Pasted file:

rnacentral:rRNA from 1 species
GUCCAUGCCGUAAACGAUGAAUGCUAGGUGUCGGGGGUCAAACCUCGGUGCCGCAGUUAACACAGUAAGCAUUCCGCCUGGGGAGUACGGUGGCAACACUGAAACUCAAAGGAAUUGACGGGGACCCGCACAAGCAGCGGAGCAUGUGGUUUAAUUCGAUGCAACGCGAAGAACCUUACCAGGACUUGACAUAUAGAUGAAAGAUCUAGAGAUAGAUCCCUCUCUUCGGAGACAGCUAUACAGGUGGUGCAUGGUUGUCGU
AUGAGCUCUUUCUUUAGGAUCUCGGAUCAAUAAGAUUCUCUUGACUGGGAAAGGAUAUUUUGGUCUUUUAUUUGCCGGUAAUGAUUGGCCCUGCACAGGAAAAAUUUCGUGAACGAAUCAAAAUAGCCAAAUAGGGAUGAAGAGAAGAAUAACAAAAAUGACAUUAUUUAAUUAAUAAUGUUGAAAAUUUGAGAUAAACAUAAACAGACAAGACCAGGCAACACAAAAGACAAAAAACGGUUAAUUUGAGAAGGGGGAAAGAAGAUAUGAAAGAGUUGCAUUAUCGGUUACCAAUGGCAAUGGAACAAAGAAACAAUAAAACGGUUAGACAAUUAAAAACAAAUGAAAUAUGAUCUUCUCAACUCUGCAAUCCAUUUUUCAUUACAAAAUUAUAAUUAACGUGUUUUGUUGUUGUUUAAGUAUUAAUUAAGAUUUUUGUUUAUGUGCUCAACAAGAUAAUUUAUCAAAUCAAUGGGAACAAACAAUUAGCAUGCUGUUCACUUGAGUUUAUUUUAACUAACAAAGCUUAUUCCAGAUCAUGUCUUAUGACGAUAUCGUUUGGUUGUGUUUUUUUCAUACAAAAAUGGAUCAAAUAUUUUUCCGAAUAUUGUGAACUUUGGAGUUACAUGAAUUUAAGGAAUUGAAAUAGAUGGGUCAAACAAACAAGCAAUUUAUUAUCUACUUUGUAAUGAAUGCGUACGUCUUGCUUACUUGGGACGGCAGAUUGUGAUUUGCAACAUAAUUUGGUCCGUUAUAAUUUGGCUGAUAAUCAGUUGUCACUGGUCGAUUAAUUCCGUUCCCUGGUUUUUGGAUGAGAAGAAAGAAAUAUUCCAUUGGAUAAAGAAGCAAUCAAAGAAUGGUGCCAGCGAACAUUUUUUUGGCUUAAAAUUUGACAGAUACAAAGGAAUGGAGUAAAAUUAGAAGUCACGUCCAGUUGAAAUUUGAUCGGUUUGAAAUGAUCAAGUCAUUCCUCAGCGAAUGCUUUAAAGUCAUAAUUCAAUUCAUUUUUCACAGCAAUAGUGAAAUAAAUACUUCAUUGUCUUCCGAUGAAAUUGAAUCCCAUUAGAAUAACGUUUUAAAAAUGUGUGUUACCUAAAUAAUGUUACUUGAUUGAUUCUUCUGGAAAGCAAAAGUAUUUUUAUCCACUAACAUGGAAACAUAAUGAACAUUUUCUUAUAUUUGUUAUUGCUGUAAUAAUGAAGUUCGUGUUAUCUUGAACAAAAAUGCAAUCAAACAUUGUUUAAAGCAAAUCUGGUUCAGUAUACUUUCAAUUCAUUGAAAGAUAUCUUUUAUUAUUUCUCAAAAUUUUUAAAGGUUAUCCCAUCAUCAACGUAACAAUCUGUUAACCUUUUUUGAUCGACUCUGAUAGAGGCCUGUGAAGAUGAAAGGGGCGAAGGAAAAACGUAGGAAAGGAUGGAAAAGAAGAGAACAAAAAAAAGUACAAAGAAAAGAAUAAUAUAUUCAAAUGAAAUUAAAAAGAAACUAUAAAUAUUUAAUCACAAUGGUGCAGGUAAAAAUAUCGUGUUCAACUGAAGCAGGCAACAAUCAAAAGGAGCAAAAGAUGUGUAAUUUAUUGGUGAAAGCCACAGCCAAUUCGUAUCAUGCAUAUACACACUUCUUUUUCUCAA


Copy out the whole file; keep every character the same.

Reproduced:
rnacentral:rRNA from 1 species
GUCCAUGCCGUAAACGAUGAAUGCUAGGUGUCGGGGGUCAAACCUCGGUGCCGCAGUUAACACAGUAAGCAUUCCGCCUGGGGAGUACGGUGGCAACACUGAAACUCAAAGGAAUUGACGGGGACCCGCACAAGCAGCGGAGCAUGUGGUUUAAUUCGAUGCAACGCGAAGAACCUUACCAGGACUUGACAUAUAGAUGAAAGAUCUAGAGAUAGAUCCCUCUCUUCGGAGACAGCUAUACAGGUGGUGCAUGGUUGUCGU
AUGAGCUCUUUCUUUAGGAUCUCGGAUCAAUAAGAUUCUCUUGACUGGGAAAGGAUAUUUUGGUCUUUUAUUUGCCGGUAAUGAUUGGCCCUGCACAGGAAAAAUUUCGUGAACGAAUCAAAAUAGCCAAAUAGGGAUGAAGAGAAGAAUAACAAAAAUGACAUUAUUUAAUUAAUAAUGUUGAAAAUUUGAGAUAAACAUAAACAGACAAGACCAGGCAACACAAAAGACAAAAAACGGUUAAUUUGAGAAGGGGGAAAGAAGAUAUGAAAGAGUUGCAUUAUCGGUUACCAAUGGCAAUGGAACAAAGAAACAAUAAAACGGUUAGACAAUUAAAAACAAAUGAAAUAUGAUCUUCUCAACUCUGCAAUCCAUUUUUCAUUACAAAAUUAUAAUUAACGUGUUUUGUUGUUGUUUAAGUAUUAAUUAAGAUUUUUGUUUAUGUGCUCAACAAGAUAAUUUAUCAAAUCAAUGGGAACAAACAAUUAGCAUGCUGUUCACUUGAGUUUAUUUUAACUAACAAAGCUUAUUCCAGAUCAUGUCUUAUGACGAUAUCGUUUGGUUGUGUUUUUUUCAUACAAAAAUGGAUCAAAUAUUUUUCCGAAUAUUGUGAACUUUGGAGUUACAUGAAUUUAAGGAAUUGAAAUAGAUGGGUCAAACAAACAAGCAAUUUAUUAUCUACUUUGUAAUGAAUGCGUACGUCUUGCUUACUUGGGACGGCAGAUUGUGAUUUGCAACAUAAUUUGGUCCGUUAUAAUUUGGCUGAUAAUCAGUUGUCACUGGUCGAUUAAUUCCGUUCCCUGGUUUUUGGAUGAGAAGAAAGAAAUAUUCCAUUGGAUAAAGAAGCAAUCAAAGAAUGGUGCCAGCGAACAUUUUUUUGGCUUAAAAUUUGACAGAUACAAAGGAAUGGAGUAAAAUUAGAAGUCACGUCCAGUUGAAAUUUGAUCGGUUUGAAAUGAUCAAGUCAUUCCUCAGCGAAUGCUUUAAAGUCAUAAUUCAAUUCAUUUUUCACAGCAAUAGUGAAAUAAAUACUUCAUUGUCUUCCGAUGAAAUUGAAUCCCAUUAGAAUAACGUUUUAAAAAUGUGUGUUACCUAAAUAAUGUUACUUGAUUGAUUCUUCUGGAAAGCAAAAGUAUUUUUAUCCACUAACAUGGAAACAUAAUGAACAUUUUCUUAUAUUUGUUAUUGCUGUAAUAAUGAAGUUCGUGUUAUCUUGAACAAAAAUGCAAUCAAACAUUGUUUAAAGCAAAUCUGGUUCAGUAUACUUUCAAUUCAUUGAAAGAUAUCUUUUAUUAUUUCUCAAAAUUUUUAAAGGUUAUCCCAUCAUCAACGUAACAAUCUGUUAACCUUUUUUGAUCGACUCUGAUAGAGGCCUGUGAAGAUGAAAGGGGCGAAGGAAAAACGUAGGAAAGGAUGGAAAAGAAGAGAACAAAAAAAAGUACAAAGAAAAGAAUAAUAUAUUCAAAUGAAAUUAAAAAGAAACUAUAAAUAUUUAAUCACAAUGGUGCAGGUAAAAAUAUCGUGUUCAACUGAAGCAGGCAACAAUCAAAAGGAGCAAAAGAUGUGUAAUUUAUUGGUGAAAGCCACAGCCAAUUCGUAUCAUGCAUAUACACACUUCUUUUUCUCAA